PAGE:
No one on this team is ever concerned .. about anything. Kicking game? Not concerned. Five straight pre-season losses? Not concerned. Third straight pre-season game without a TD? Not concerned. No Zeke? Not concerned. No sense of urgency .. ever.
You wouldnt either if you had his kind of job security.

Genghis Khan

Well-known member
Apr 7, 2013
Taco is an excuse maker and finger pointer.

Hey douchenozzle. If they are asking you to play the run and giving you less opportunities, there's a reason. They don't do that with guys that are performing.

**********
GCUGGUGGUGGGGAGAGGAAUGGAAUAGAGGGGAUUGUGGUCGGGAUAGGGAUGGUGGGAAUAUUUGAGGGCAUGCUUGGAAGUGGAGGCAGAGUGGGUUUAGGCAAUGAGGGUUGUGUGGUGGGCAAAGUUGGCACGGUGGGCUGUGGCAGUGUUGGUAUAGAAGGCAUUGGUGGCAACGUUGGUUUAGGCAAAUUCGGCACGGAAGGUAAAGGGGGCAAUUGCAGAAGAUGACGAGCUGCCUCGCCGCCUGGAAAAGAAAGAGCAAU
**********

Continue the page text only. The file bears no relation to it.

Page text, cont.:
If you want more and better opportunities, make the best of what your given and make plays instead of whining.

The sad thing is Taco played well last night. His comments should reflect a guy who is self aware and motivated to get better. Not a guy who thinks his problems are caused by everybody but himself.


Well-known member
Dec 27, 2017
No one on this team is ever concerned .. about anything. Kicking game? Not concerned. Five straight pre-season losses? Not concerned. Third straight pre-season game without a TD? Not concerned. No Zeke? Not concerned. No sense of urgency .. ever.


Captain of the Titanic: "We are merely stopping to take on a little ice."

Garrett: "We just have to go back, look at the tape, and try to get better."